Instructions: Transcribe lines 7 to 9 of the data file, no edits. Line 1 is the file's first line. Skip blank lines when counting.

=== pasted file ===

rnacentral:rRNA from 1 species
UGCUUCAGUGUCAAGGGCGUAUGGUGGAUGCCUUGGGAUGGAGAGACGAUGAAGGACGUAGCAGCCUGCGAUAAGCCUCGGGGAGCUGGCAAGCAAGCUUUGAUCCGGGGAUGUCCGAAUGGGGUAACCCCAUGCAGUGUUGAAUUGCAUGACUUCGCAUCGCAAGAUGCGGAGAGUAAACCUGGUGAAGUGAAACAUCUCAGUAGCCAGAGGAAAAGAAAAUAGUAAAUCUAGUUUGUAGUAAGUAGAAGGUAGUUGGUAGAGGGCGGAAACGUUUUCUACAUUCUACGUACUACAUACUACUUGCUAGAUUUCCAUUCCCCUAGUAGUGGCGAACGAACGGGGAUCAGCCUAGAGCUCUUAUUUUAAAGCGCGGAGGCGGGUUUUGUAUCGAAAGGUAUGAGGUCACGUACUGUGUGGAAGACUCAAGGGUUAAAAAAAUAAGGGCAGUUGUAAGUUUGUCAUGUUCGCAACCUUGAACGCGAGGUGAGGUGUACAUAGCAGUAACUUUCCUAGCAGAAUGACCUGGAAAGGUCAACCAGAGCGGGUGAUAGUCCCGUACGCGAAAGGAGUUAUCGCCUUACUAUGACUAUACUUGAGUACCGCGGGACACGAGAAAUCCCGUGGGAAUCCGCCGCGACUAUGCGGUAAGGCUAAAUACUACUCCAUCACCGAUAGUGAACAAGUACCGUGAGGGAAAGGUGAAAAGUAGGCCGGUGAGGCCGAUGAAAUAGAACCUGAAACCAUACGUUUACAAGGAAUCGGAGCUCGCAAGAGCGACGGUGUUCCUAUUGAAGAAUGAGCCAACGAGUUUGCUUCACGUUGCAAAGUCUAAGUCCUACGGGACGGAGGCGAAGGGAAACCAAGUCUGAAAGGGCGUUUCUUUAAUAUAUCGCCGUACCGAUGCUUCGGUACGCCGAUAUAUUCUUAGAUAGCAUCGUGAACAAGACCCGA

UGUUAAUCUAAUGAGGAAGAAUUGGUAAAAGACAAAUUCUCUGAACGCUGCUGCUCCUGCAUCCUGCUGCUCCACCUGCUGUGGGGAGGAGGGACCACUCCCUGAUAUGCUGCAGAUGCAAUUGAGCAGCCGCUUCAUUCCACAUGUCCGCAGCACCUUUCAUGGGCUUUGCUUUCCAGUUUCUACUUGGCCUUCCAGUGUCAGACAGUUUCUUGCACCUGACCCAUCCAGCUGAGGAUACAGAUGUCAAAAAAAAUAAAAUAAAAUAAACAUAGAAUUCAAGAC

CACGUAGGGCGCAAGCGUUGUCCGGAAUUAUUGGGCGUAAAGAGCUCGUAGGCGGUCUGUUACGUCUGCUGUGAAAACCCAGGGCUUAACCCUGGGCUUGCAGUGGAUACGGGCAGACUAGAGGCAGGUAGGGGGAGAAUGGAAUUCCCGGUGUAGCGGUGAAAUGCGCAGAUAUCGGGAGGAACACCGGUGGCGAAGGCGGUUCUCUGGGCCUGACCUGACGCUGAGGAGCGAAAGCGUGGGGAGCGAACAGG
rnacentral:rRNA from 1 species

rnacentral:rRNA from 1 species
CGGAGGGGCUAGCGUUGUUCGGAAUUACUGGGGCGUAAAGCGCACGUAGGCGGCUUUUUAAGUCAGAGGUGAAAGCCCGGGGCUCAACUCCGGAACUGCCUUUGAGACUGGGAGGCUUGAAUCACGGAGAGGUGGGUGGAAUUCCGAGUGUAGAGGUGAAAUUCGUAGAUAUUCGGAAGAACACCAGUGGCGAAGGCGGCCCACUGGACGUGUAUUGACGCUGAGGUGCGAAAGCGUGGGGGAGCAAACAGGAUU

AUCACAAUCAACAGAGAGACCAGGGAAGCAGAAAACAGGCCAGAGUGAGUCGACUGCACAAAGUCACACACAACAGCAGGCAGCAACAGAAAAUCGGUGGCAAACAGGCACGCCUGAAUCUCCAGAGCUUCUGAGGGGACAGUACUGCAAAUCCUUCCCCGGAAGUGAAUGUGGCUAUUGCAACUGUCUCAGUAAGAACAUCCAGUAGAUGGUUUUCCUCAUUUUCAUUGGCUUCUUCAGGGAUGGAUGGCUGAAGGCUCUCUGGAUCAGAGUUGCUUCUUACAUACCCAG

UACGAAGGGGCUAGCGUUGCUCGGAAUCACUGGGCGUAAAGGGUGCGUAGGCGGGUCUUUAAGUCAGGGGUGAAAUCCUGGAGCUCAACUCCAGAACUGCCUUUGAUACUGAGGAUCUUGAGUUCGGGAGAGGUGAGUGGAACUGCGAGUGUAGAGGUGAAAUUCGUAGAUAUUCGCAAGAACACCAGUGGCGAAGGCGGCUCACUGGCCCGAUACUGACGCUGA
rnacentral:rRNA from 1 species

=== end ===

CGGAGGGGCUAGCGUUGUUCGGAAUUACUGGGGCGUAAAGCGCACGUAGGCGGCUUUUUAAGUCAGAGGUGAAAGCCCGGGGCUCAACUCCGGAACUGCCUUUGAGACUGGGAGGCUUGAAUCACGGAGAGGUGGGUGGAAUUCCGAGUGUAGAGGUGAAAUUCGUAGAUAUUCGGAAGAACACCAGUGGCGAAGGCGGCCCACUGGACGUGUAUUGACGCUGAGGUGCGAAAGCGUGGGGGAGCAAACAGGAUU

AUCACAAUCAACAGAGAGACCAGGGAAGCAGAAAACAGGCCAGAGUGAGUCGACUGCACAAAGUCACACACAACAGCAGGCAGCAACAGAAAAUCGGUGGCAAACAGGCACGCCUGAAUCUCCAGAGCUUCUGAGGGGACAGUACUGCAAAUCCUUCCCCGGAAGUGAAUGUGGCUAUUGCAACUGUCUCAGUAAGAACAUCCAGUAGAUGGUUUUCCUCAUUUUCAUUGGCUUCUUCAGGGAUGGAUGGCUGAAGGCUCUCUGGAUCAGAGUUGCUUCUUACAUACCCAG

UACGAAGGGGCUAGCGUUGCUCGGAAUCACUGGGCGUAAAGGGUGCGUAGGCGGGUCUUUAAGUCAGGGGUGAAAUCCUGGAGCUCAACUCCAGAACUGCCUUUGAUACUGAGGAUCUUGAGUUCGGGAGAGGUGAGUGGAACUGCGAGUGUAGAGGUGAAAUUCGUAGAUAUUCGCAAGAACACCAGUGGCGAAGGCGGCUCACUGGCCCGAUACUGACGCUGA